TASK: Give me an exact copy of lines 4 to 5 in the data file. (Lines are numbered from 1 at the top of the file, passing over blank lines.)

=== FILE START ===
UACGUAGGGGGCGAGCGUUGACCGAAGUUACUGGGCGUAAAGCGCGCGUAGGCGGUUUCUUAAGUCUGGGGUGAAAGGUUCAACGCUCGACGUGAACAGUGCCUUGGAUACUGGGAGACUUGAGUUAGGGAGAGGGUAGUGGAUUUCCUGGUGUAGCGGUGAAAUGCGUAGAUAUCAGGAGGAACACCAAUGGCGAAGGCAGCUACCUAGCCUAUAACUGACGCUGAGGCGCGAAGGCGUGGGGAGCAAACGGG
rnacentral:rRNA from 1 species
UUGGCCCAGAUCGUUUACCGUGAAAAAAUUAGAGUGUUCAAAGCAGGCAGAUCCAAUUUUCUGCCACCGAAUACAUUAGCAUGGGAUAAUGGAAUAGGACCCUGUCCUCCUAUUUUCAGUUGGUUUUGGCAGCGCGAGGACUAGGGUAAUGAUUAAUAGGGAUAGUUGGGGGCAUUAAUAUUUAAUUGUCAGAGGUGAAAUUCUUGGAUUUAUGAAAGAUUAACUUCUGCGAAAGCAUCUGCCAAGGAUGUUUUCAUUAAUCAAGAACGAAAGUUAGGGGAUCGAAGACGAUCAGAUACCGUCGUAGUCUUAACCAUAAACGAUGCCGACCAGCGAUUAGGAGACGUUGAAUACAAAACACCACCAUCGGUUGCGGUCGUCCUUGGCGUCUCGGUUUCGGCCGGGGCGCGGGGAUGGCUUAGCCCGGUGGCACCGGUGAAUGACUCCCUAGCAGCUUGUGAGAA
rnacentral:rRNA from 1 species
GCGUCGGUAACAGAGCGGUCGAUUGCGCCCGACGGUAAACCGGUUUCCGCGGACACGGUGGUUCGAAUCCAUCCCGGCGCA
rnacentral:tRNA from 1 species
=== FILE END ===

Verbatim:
rnacentral:rRNA from 1 species
GCGUCGGUAACAGAGCGGUCGAUUGCGCCCGACGGUAAACCGGUUUCCGCGGACACGGUGGUUCGAAUCCAUCCCGGCGCA